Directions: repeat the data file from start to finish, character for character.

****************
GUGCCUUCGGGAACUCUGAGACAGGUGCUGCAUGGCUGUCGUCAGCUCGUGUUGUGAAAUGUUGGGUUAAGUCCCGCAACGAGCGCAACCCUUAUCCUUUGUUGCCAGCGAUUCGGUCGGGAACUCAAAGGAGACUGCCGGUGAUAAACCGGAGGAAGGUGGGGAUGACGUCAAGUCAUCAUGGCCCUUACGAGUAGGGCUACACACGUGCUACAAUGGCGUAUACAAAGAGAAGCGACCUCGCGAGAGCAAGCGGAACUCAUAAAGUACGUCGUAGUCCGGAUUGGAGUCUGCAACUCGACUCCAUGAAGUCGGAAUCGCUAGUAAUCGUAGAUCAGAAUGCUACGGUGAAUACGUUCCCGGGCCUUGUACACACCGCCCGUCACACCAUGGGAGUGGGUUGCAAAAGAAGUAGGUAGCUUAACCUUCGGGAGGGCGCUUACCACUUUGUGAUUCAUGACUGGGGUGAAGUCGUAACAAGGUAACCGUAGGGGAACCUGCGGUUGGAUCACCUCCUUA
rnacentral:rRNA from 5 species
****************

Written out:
GUGCCUUCGGGAACUCUGAGACAGGUGCUGCAUGGCUGUCGUCAGCUCGUGUUGUGAAAUGUUGGGUUAAGUCCCGCAACGAGCGCAACCCUUAUCCUUUGUUGCCAGCGAUUCGGUCGGGAACUCAAAGGAGACUGCCGGUGAUAAACCGGAGGAAGGUGGGGAUGACGUCAAGUCAUCAUGGCCCUUACGAGUAGGGCUACACACGUGCUACAAUGGCGUAUACAAAGAGAAGCGACCUCGCGAGAGCAAGCGGAACUCAUAAAGUACGUCGUAGUCCGGAUUGGAGUCUGCAACUCGACUCCAUGAAGUCGGAAUCGCUAGUAAUCGUAGAUCAGAAUGCUACGGUGAAUACGUUCCCGGGCCUUGUACACACCGCCCGUCACACCAUGGGAGUGGGUUGCAAAAGAAGUAGGUAGCUUAACCUUCGGGAGGGCGCUUACCACUUUGUGAUUCAUGACUGGGGUGAAGUCGUAACAAGGUAACCGUAGGGGAACCUGCGGUUGGAUCACCUCCUUA
rnacentral:rRNA from 5 species